PPBF: Circle, Triangle, Elephant

CTEcoverAuthor: Kenji Oikawa
Illustrator: Mayuko Takeuchi
Publisher: Phaidon, 2017; orig.: Bunkeido Co., 2008
Age: 1-4
Themes: shapes, surprises, concept books
Opening: (see image below)CTE1.jpg

Summary: (from my library catalog) Circle, triangle … elephant!? A big book of shapes, with a bit of silliness mixed in.

CTE2Why I like this book: I love how simple this book for the very young is, yet how much gentle humor is incorporated. I have been reading a lot more board books since I started doing storytime in the bookstore where I work, and get very excited when I find a simple book with more to it. Could be my favorite so far this year!

CTE3.jpgResources/Activities: create a shape-game and have kids can shout out the shape or object you hold up, in groups of three, repeating in ever faster succession. I bet there will be lots of laughs too!

CTE4.pngFor more Perfect Picture Book picks with teacher/parent resources, check out the list on Susanna Hill’s blog HERE.

And a little good news via scbwi this morning!!! I posted the image a few weeks ago HERE

DrawThis9:17

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PPBF: Strong As a Bear

strongasabearcoverAuthor/Illustrator: Katrin Stangl
Publisher: Enchanted Lion, 2016 (Originally published in Germany in 2013 as Stark wie ein Bär.)
Age: 2-6
Themes: metaphors, concept books
Opening: *see first spread image below the endpaper image.
Summary: (from my library catalog) A series of children show how they are free as a bird, quick as a hare, mischievous as a monkey, quiet as a mouse, and strong as a bear.

StrongAsABearendpaper.jpgWhy I like this book: I actually liked this so much more at the second look – as with too many things, we move too fast and don’t savour the journey, but kids are still smart about that and I believe they will see straight off that this is an invitation to role play, to thinking out of the box, and the robust use of color and composition grabs a tight hold!

strongasabear1Resources/Activities: discuss the analogies made and make a new list and act them out; use in an art class to discuss how to use a limited color palette to extend powerful messages and imagery.

StrongAsABear2.jpgFor more Perfect Picture Book picks with teacher/parent resources, check out the list on Susanna Hill’s blog HERE.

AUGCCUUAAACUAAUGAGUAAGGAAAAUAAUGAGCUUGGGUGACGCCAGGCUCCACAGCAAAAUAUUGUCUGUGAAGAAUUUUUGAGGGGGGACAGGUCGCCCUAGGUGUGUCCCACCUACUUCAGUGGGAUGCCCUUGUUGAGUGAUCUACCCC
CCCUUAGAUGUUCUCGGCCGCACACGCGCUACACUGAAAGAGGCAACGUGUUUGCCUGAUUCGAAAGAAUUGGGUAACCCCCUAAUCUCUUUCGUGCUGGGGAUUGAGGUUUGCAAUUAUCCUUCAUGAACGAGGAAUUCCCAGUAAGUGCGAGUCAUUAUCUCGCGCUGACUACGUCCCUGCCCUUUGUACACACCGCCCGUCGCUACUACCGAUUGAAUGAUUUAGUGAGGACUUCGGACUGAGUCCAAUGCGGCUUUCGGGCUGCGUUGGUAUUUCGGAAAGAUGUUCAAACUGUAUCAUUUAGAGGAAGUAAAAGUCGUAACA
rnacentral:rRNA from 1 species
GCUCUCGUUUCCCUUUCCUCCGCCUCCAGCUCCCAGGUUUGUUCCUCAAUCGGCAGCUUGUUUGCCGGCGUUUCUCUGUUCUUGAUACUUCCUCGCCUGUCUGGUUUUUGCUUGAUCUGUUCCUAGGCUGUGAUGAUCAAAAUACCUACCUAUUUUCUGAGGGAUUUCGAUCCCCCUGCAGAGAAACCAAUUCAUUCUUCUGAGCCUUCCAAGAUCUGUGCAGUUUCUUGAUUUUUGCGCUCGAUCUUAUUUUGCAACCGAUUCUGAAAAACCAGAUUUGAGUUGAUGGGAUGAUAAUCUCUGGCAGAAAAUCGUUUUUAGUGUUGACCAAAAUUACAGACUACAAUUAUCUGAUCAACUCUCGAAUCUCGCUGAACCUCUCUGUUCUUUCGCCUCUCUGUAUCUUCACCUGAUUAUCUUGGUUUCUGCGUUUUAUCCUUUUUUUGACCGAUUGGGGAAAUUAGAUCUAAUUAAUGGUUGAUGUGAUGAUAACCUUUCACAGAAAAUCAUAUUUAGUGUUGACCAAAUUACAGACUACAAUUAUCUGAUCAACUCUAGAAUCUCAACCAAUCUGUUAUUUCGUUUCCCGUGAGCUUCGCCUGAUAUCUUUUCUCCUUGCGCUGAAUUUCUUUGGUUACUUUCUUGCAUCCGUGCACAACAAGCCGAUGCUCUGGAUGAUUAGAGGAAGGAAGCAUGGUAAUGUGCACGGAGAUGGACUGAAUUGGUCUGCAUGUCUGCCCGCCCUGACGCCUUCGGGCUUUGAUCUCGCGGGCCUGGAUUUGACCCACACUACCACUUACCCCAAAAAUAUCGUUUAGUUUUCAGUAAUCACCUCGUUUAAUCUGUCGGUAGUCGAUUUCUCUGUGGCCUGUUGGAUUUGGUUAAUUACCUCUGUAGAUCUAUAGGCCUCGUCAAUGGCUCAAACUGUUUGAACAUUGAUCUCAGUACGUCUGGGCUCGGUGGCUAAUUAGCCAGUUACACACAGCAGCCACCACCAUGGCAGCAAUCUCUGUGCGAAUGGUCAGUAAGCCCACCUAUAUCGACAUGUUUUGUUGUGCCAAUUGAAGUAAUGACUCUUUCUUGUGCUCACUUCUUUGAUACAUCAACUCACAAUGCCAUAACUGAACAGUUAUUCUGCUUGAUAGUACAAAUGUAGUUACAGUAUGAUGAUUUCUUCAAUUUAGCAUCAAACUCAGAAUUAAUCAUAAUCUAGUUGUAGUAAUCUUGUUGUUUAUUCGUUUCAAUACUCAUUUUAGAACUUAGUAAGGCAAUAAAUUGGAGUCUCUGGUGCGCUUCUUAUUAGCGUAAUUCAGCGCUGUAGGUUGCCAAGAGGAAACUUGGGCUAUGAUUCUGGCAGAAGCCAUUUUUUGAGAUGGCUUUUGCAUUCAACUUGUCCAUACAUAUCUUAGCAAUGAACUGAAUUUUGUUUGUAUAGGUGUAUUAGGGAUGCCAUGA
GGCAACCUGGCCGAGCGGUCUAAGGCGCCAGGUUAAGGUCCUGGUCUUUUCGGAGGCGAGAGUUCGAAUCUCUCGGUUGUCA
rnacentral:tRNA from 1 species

strongasabearback

PPBF: Eerie Dearies

EerieDeariesCoverAuthor/Illustrator: Rebecca Chaperon
Publisher: Simply Read Books, 2014
Age: 9-14
Themes: academic absence, alphabet, concept book
OpeningA is for astral projection.
Summary: (from Amazon) Eerie Dearies is an unusual book that offers a carefully crafted & alphabetized selection of twenty-six beautifully illustrated excuses for being awol from school. Faded and well-used book covers serve as compelling backgrounds to each of these delicately rendered acrylic paintings, creating an atmosphere akin to an old and dusty collection of darkly humorous myths..

EerieDearies1.jpgWhy I like this book: Reminds me so much of Edward Gorey’s sense of humor. Not for the little ones, but I thought since the postings on Susanna Hill’s blog are on summer hiatus I could slip this one in for the older kids.

EerieDearies2Resources/Activities: Make your own list of ‘excuses’ and illustrate them, with pencil, ink collage, etc.; read Edward Gorey’s The Gashlycrumb Tinies – watch the read-aloud video HERE

EerieDearies3For more Perfect Picture Book picks with teacher/parent resources, check out the list on Susanna Hill’s blog HERE.

 

PPBF: 3 Counting Books

TwoMiceCoverAuthor/Illustrator: Sergio Ruzzier
Publisher: Clarion, 2015
Summary: review from Kirkus – HERE

One,Two:UngerercoverAuthor/Illustrator: Tomi Ungerer
Publisher: Phaidon, 2014 (first published in Gernman, Diogenes, 1973)
Summary: review from Kirkus – HERE

123BookCoverAuthor/Illustrator: R.O. Blechman
Publisher: Creative Editions, 2013
Summary: review from Kirkus – HERE

Why I like these books: I found these three in short succession, so I thought I’d share them together. Each has deceptively simple yet engaging artwork and at the same time is completely unique in content – key to a great concept book! And my personal preference – they’re all humorous! I’ve linked each for further information via their Kirkus review (above).

Resources/Activities: Read them together – or with other counting books; create your own, with drawings or photos of items from the classroom or home;

One,Two:Unger3

123Book1

For more Perfect Picture Book picks with teacher/parent resources, check out the list on Susanna Hill’s blog HERE.